By CCI Team
To those who aren’t fully familiar with Fifty Shades of Grey, the book and film may come across as just some woman’s fantasy of meeting a rich, good looking man, who looks after their every need. However, it goes much deeper than that. The situations portrayed in the film are too similar to ones many women do experience in real life, but it’s not a happy ending. They are situations involving controlling men for their own pleasure.
Christian Grey may be a handsome millionaire, but beneath the surface, he is a deeply disturbed man whose dark past dictates his relationships. The story begins with him stalking Anastasia Steele after she interviews him. Eventually, he pushes a contract onto Ana that says he will have complete control over her, including when they have sex and what she will eat. He takes her virginity with no emotional attachment whatsoever as if he is doing her a favor. She may be willing, but he knows how naïve Ana is. He has also snuck into her apartment and questions her about her friends.
What do Researchers Say about Emotional & Domestic Abuse in the movie?
An analysis by researchers showed there was emotional abuse and sexual violence taking place in almost every interaction between the two characters*. During a time when it is trying to be taught that “no means no,” that certainly isn’t the case in Fifty Shades. Ana protests at some of the Christian’s actions. He responds by threatening to tie her feet up and gag her too. Of course, it is assumed this is okay because she signed a contract, but we know that it most certainly is not. He threatens to punish her, all for his sexual gratification. He will “take” her when he is angry and use alcohol to lower Ana’s inhibitions. Yet, Christian somehow gets away with it, presumably for being rich and handsome and deeply sexual.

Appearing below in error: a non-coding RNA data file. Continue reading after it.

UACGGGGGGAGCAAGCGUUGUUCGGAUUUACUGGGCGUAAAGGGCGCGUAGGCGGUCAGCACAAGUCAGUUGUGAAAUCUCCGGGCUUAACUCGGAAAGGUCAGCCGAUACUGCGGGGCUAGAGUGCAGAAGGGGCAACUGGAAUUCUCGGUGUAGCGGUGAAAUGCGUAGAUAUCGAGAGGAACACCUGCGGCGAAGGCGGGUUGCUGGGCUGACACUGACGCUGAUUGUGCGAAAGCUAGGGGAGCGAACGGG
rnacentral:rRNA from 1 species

Stalking, dictating what you eat, who your friends are, insistence on being ready for sex whenever they want, and physical harm for sexual pleasure despite being told “no” are all situations that someone may experience with domestic abuse. The feelings, or confusion of, that Ana experiences are also a typical victim of domestic abuse behavior. She “obeys”, then says she can’t and won’t put up with it, following with her declaring her love for him, even after getting the beating of a lifetime with a belt in a room that is meant for sexual play, but resembles more of a Tudor torture chamber.
Fictional But Troubling for Domestic Abuse Victims
There are many fans of Fifty Shades who say they know it is a work of fiction, yet still swoon over Christian Grey, declaring him romantic for all his stalking/break-ins/beatings. Shockingly, there are even excuses made for him due to his disturbing past. This isn’t the message that women should be getting. Yes, it is a work of fiction, and the idea of domestic abuse was probably not the intention of the author of the book, but the situations are not a fantasy for many women who have found themselves a victim of domestic abuse.